“The teacher said periods,” Ms. Fonte said.
Her mother was a doctor who took her to the Philippines annually on medical missions. In high school, Ms. Fonte worked as a peer sex educator and interned at a drug rehabilitation program for teenagers. In her school planner, she used shorthand to identify where she had to be and when. “‘Drugs and sex, 7 p.m. to 8 p.m.,’” she said.
Was she always comfortable speaking about things that made others squirm and blush? “I think I was probably above average at conversational skills to begin with,” Ms. Fonte said. “I was that kid that ran for class president every year. I was always giving speeches.”
She went on to get two master’s degrees. The first was in education, from the University of Hawaii, and the second was in public health, from Columbia University in New York City, where she plans to remain, despite the recent contretemps.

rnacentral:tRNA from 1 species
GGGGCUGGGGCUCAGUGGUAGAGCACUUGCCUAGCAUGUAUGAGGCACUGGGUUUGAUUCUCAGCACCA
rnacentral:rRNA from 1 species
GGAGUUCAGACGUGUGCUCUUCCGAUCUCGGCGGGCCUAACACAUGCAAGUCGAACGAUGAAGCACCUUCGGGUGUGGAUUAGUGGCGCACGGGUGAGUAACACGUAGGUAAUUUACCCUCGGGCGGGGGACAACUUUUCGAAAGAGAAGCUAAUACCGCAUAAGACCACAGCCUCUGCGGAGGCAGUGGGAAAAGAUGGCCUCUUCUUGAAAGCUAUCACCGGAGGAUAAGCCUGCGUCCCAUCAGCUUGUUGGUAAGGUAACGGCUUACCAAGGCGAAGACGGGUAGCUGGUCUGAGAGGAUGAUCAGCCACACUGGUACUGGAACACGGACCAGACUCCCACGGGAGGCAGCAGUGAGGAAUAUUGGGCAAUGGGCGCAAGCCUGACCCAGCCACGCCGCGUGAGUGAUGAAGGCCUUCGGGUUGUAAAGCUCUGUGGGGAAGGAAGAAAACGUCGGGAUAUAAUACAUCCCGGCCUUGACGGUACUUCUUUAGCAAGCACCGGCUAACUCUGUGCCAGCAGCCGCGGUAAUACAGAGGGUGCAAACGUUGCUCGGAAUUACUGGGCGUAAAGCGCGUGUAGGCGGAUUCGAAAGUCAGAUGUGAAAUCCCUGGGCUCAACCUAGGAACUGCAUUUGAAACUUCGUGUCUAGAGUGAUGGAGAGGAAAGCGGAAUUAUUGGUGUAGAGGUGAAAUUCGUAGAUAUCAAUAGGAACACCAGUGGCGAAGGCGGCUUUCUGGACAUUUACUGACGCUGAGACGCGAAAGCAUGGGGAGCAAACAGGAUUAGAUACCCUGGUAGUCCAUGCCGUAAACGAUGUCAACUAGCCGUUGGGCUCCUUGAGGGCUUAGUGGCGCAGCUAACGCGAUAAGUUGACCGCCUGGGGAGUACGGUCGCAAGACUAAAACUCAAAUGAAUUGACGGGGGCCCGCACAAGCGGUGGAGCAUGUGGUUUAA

Ms. Fonte is not an urban outlier. Across the country, priorities around sex education have expanded beyond the prevention of teen pregnancy and sexually transmitted infections to include unhealthy relationships, body positivity, sexual orientation, reproductive justice and gender identity.
National sex education standards issued since 2012 by professionals in the field have called for sex education to be L.G.B.T.Q. inclusive, to be offered from kindergarten through 12th grade, and to be “trauma-informed, culturally inclusive, sex positive, and grounded in social justice and equity.”
Teaching consent from an early age is crucial, today’s sex education experts argue. And in the wake of the #MeToo movement, more and more people agree, said Nora Gelperin, the director of sexuality education and training at Advocates for Youth, one of the organizations responsible for drafting the national sex education standards.